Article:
Bird Strike Committee Proceedings


Date of this Version

August 2001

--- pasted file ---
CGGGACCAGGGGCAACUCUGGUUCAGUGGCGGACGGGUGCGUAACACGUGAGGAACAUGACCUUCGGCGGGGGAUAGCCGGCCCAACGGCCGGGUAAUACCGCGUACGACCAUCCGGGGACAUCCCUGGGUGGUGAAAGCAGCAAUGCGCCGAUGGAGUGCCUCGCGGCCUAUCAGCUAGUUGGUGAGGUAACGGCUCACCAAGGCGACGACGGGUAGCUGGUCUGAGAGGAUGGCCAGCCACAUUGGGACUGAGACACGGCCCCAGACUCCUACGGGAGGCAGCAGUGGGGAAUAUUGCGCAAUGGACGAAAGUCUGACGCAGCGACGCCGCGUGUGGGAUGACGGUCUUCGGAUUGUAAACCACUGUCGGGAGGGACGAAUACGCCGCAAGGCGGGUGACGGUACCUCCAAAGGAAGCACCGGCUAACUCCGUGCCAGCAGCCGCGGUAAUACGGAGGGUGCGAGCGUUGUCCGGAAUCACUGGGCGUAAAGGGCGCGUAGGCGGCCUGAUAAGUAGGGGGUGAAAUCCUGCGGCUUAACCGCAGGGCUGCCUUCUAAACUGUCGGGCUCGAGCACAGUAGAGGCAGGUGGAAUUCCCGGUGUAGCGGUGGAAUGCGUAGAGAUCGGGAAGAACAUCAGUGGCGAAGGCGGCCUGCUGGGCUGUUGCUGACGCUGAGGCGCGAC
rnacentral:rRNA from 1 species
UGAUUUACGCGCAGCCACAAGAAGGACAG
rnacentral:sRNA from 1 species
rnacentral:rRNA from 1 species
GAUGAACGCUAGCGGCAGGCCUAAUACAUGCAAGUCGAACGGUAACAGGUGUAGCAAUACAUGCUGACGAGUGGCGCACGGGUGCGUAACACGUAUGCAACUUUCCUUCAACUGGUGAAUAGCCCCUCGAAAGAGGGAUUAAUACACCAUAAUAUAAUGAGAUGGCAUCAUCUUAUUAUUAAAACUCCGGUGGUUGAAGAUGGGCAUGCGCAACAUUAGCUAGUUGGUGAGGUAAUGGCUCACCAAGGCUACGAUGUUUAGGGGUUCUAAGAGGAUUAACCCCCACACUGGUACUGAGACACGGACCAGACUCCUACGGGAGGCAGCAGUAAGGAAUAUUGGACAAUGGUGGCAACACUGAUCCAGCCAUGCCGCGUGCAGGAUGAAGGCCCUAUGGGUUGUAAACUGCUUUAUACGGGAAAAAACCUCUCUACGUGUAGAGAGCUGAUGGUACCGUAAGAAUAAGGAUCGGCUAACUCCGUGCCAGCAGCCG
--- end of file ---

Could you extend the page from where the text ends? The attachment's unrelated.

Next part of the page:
The results of 149 surveys of bird species’ distribution and abundance at Melbourne Airport between January 1997 and June 2000, together with local weather information and bird-strike data were used to assess the comparative importance of a number of variables affecting the incidence of bird-strikes at the airport. At least 36 bird and bat species were involved in ‘bird-strikes’ at Melbourne Airport between 1986 and 2000, although only 11 species were involved in 10 or more incidents. The Australian Magpie (Gymnorhina tibicen) presents the greatest threat of bird-strikes at Melbourne. Bird abundance and activity are important factors in determining the incidence of bird-strikes. The greatest frequency of bird-strikes occurred during autumn (April–May), which is the season when the greatest numbers of birds are at the airport. The incidence of bird-strike is greatest between 08:00 and 12:00, apparently reflecting bird activity levels rather than aircraft traffic volume. The majority of bird-strikes occurred at ‘zero feet’ altitude and within a comparatively small area of the airport, which has important implications for the management of bird hazards. An unexpected finding was that the incidence of birdstrikes increased during days with strong winds (50–60 km/h). Local weather conditions play an important role in determining the risk of bird-strike, and this relationship needs further investigation.